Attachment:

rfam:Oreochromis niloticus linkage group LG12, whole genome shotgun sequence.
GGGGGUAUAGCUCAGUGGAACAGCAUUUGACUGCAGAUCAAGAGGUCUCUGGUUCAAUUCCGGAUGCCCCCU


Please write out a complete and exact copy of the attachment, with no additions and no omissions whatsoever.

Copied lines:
rfam:Oreochromis niloticus linkage group LG12, whole genome shotgun sequence.
GGGGGUAUAGCUCAGUGGAACAGCAUUUGACUGCAGAUCAAGAGGUCUCUGGUUCAAUUCCGGAUGCCCCCU